These people are the more dangerous ones because they are the ones with the most to lose if Chavez leaves the scene. They simply cannot allow it to happen unless some form of generous settlement comes their way.
The next two groups are of undetermined size. The "faithful" are the members of the sect. They include the poor, the misiones members, that have made Chavez their savior. But it also includes the "ñangaras" and other assorted fellow travelers that believe in communism, Castro and other such passé ideas. For these people the loss of Chavez, cancer or vote wise, is a real tragedy because a whole system of belief is questioned. The trouble with cults, nothing new there.
They may be dangerous because they include the militia, the street gangs, the Lina Ron wanna-be and other assorted characters who may decide to take matters in their own hands, maybe supporting the above group even if they hate many of them for the corruption they represent. Or they may decide to stay rather quiet and start waiting for the second coming of Chavez or something else from the mother ship. That also happens with cults.
The "transactional" chavistas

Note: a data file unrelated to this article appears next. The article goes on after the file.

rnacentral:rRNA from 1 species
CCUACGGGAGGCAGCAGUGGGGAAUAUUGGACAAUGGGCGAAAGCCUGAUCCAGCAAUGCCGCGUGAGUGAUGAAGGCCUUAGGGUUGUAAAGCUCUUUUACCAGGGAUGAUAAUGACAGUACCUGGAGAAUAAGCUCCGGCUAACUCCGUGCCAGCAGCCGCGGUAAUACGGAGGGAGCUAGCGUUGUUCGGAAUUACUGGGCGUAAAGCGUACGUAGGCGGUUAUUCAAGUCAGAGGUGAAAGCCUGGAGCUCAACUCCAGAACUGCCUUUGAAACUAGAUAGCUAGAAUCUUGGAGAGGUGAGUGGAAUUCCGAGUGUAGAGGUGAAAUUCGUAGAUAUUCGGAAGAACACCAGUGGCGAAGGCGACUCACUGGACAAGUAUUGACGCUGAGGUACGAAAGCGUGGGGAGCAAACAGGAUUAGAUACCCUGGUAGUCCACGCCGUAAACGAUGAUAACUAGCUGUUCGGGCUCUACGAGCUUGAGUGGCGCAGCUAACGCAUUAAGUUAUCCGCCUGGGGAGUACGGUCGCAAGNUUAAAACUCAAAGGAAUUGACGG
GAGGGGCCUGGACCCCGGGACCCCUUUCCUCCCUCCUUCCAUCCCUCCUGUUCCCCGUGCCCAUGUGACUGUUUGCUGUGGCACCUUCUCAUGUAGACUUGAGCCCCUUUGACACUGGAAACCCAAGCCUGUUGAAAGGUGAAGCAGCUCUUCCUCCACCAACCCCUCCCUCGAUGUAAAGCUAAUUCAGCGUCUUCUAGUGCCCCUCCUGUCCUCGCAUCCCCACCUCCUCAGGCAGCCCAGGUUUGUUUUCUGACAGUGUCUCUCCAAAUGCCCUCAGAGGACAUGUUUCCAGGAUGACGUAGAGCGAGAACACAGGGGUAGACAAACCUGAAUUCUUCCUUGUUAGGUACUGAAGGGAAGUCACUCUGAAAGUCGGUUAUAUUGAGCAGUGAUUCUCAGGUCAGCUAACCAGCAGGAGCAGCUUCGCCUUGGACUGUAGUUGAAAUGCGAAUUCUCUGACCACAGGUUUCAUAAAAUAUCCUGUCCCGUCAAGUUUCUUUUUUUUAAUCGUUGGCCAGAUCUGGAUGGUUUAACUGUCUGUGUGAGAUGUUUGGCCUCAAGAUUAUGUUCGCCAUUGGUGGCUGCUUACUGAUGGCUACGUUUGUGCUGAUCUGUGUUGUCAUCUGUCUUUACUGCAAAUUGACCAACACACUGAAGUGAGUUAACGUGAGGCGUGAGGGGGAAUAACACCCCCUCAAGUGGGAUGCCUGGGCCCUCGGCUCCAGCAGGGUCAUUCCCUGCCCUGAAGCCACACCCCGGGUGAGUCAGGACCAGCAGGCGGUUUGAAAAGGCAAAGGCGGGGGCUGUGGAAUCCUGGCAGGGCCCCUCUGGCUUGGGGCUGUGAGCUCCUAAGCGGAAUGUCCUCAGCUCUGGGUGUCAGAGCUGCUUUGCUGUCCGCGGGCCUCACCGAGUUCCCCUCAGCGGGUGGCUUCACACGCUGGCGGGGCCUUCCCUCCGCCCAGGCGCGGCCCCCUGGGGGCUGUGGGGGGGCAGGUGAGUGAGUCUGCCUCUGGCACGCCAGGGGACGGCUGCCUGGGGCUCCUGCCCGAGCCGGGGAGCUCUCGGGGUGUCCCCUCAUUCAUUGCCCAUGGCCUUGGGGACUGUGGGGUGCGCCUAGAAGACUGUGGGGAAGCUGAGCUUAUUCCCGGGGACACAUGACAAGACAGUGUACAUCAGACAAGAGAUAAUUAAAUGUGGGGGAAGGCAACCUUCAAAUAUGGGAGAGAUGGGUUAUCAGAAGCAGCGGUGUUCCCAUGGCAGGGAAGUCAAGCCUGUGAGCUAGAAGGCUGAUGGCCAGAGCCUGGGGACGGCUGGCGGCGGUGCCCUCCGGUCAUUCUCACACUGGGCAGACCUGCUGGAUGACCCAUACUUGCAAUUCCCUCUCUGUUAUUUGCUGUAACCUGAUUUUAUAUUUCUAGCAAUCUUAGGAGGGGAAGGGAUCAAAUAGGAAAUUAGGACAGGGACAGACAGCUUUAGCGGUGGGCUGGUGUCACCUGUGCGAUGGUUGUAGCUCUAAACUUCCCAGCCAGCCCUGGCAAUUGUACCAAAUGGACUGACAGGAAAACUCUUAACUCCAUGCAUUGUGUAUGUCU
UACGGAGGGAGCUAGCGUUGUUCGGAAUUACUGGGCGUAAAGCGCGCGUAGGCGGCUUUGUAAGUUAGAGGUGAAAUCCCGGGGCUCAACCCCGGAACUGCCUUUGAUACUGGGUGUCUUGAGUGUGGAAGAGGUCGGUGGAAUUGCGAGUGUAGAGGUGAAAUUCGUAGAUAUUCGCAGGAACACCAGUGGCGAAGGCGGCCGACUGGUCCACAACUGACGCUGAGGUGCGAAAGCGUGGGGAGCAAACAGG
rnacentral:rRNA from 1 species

This group represents those who benefited from chavismo without committing much crime besides the occasional bribe or the juicy subcontracting with the big players of the first group. They range from the nouveau riche class of "boliburguesia" to the modest public employee. For them the disappearance of Chavez is not necessarily a threat, and even if they see it as a threat it may be one they can live with. After all they are the group that realize that the country is not doing well and that they may lose their benefits even if Chavez remains on stage. Among those people you may even find some that think that perhaps a few years in the opposition may be a good thing to clean up the corrupt faction. I would not go as far as calling them democrats, but they are certainly the group within chavismo more prone to understand democracy's benefits.